This recognition of human uniqueness at the heart of all that Scripture reveals about who we are also marked Schaeffer’s approach to the Christian life and true spirituality. He believed that Christian growth is restoration to the image of God, that is, to true humanness. It was his lead in this area, and his personal encouragement that stands behind the book Ranald Macaulay and I wrote together: Being Human: The Nature of Spiritual Experience.12

Human Life 

This approach of always going back to biblical foundations enabled Schaeffer to have the freedom to think about subjects that were not normally matters of discussion or concern among evangelical Christians. This is true with regard to human life issues. He began to address the problems of abortion, infanticide, and euthanasia long before most other evangelicals. The reason for this was his deep sense that human persons are made in the image of God and are therefore to be treasured by us.

Just two years before his death, Schaeffer said in a lecture entitled “Priorities”: “We must understand that human life stands at a unique place. Human life stands at a crucial place because there is an unbreakable link between the existence of the infinite personal God and the unique dignity, intrinsic dignity of people. If God does not exist and he has not made people in his own image, there is no basis for an intrinsic, unique dignity of human life.”13 For Schaeffer, his conviction that Scripture teaches that we are God’s image-bearers continually fed his passion to help alienated young people see that they had dignity and value, and also challenged him to speak up for the unborn, for the newborn, for the handicapped, and for the elderly.

8 See Reclaiming the World, a video series and accompanying handbook in which Schaeffer sets out his apologetic methodology. Richard B. Sherman, Reclaiming the World: Comprehensive Leader’s Guide (Los Gatos, CA: Schaeffer V Productions, 1982), contains a transcript of the text of the videos.

9 Francis A. Schaeffer, The Finished Work of Christ: The Truth of Romans 1–8 (Wheaton, IL: Crossway, 1998), 32. 10 Schaeffer, Genesis in Space and Time, 46. 11 Ibid., 47.

10 Schaeffer, Genesis in Space and Time, 46.

11 Ibid., 47.

12 Ranald Macaulay and Jerram Barrs, Being Human: The Nature of Spiritual Experience (Downers Grove, IL: Inter-Varsity Press, 1978).

13 See also Francis A. Schaeffer, The Great Evangelical Disaster (Westchester, IL: Crossway, 1984), chapter 4, in which he quotes Peter Singer, the Australian ethicist now at Princeton. Singer recognizes that once the tie between the personal God of the Bible and human persons has been cut, then there is no basis for protecting the life of the unborn, newborn, or elderly and infirm. One of Singer’s more recent books is, consequently, entitled Unsanctifying Human Life. I was once scheduled to debate with Singer on Australian television, but when he learned of my connection to Schaeffer, he withdrew, saying there was no point in our meeting to discuss on the same panel as we would have nothing in common. I must confess that I was relieved by his withdrawal because of his evident brilliance, but also saddened to lose the opportunity to try to appeal to his humanity.)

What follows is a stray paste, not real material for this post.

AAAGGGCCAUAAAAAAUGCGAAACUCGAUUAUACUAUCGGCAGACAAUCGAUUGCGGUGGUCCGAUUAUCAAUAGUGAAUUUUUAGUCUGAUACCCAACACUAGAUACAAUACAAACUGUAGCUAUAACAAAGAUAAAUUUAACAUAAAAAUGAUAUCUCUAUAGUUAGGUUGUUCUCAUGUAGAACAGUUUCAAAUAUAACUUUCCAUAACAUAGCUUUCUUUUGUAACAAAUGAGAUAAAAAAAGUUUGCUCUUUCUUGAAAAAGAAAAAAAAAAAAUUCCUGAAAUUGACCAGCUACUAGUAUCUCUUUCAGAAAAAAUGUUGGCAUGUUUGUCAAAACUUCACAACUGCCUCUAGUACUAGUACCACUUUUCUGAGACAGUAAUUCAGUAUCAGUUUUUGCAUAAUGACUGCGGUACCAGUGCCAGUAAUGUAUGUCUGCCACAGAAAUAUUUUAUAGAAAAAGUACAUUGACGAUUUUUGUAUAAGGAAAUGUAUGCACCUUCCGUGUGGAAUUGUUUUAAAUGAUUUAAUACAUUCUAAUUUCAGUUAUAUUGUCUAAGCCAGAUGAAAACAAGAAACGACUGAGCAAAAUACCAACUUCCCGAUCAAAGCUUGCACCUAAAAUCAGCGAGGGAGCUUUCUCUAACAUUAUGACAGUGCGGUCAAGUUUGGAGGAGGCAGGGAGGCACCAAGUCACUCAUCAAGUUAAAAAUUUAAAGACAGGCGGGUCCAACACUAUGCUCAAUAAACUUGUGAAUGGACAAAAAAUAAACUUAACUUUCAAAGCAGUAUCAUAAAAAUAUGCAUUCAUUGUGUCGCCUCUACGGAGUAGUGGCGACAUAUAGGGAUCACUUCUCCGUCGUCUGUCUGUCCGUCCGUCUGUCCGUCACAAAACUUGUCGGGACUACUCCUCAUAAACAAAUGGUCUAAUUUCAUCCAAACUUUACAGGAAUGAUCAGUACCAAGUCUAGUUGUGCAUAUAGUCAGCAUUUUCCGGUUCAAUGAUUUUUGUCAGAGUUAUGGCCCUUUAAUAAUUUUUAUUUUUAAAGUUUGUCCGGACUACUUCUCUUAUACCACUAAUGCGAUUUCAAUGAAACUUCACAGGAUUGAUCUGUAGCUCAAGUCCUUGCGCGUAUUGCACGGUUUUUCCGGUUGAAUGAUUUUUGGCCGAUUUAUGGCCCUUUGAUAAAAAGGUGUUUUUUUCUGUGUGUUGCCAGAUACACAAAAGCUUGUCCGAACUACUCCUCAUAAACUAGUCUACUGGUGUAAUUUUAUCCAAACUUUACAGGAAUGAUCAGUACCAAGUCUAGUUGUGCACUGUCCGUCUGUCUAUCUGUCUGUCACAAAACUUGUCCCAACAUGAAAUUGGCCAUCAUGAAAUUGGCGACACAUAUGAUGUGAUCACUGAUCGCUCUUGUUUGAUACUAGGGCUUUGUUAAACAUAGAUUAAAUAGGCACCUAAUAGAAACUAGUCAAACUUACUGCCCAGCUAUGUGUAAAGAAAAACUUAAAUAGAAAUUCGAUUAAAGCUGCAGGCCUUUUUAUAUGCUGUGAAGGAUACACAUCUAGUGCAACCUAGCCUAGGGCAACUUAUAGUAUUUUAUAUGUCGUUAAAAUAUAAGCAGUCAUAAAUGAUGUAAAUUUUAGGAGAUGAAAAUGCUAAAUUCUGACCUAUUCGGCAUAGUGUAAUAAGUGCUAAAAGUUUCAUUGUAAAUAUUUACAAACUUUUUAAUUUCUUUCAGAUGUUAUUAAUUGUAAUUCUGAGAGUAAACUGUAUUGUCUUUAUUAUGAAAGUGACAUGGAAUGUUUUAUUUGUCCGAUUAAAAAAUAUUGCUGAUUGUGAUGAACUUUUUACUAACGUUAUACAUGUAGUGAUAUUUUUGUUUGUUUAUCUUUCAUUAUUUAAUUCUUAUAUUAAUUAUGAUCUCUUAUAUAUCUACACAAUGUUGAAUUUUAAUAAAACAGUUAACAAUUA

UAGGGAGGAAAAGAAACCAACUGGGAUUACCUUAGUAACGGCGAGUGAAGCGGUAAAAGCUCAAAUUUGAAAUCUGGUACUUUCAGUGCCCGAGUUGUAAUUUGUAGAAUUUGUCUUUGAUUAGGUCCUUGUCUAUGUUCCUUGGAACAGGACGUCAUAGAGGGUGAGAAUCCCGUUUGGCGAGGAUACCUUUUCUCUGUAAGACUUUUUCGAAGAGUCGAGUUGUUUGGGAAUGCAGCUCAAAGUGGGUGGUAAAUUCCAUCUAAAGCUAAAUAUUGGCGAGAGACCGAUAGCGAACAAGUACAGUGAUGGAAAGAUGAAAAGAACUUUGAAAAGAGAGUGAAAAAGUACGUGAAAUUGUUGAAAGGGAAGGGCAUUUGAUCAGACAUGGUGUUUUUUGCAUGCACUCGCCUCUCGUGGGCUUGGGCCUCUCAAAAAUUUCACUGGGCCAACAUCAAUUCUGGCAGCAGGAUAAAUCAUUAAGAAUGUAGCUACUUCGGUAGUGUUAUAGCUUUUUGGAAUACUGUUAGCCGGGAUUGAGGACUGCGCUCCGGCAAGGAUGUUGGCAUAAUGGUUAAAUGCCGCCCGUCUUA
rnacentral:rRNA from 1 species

Peter Singer below.

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The answer to find meaning in life is found in putting your faith and trust in Jesus Christ. The Bible is true from cover to cover and can be trusted.

Thank you again for your time and I know how busy you are.

Sincerely,

Everette Hatcher, everettehatcher@gmail.comhttp://www.thedailyhatch.org, cell ph 501-920-5733, 13900 Cottontail Lane, Alexander, AR 72002

PS: What is the meaning of life? Find it in the end of the open letter I wrote to you on April 23, 2020. 

Below is the workforce of THE TAMBURY GAZETTE 

Seen below is the third episode of AFTERLIFE (season 1) when Matt takes Tony to a comedy club with front row seats to cheer him up but it turns into disaster!!!

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Part 1 “Why have integrity in Godless Darwinian Universe where Might makes Right?”

Part 2 “My April 14, 2016 Letter to Ricky mentioned Book of Ecclesiastes and the Meaninglessness of Life”

Part 3 Letter about Brandon Burlsworth concerning suffering and pain and evil in the world.  “Why didn’t Jesus save her [from cancer]?” (Tony’s 10 year old nephew George in episode 2)

Part 4 Letter on Solomon on Death Tony in episode one, “It should be everyone’s moral duty to kill themselves.”

Part 5 Letter on subject of Learning in Ecclesiastes “I don’t read books of fiction but mainly science and philosophy”

Part 6 Letter on Luxuries in Ecclesiastes Part 6, The Music of AFTERLIFE (Part A)

Part 7 Letter on Labor in Ecclesiastes My Letter to Ricky on Easter in 2017 concerning Book of Ecclesiastes and the legacy of a person’s life work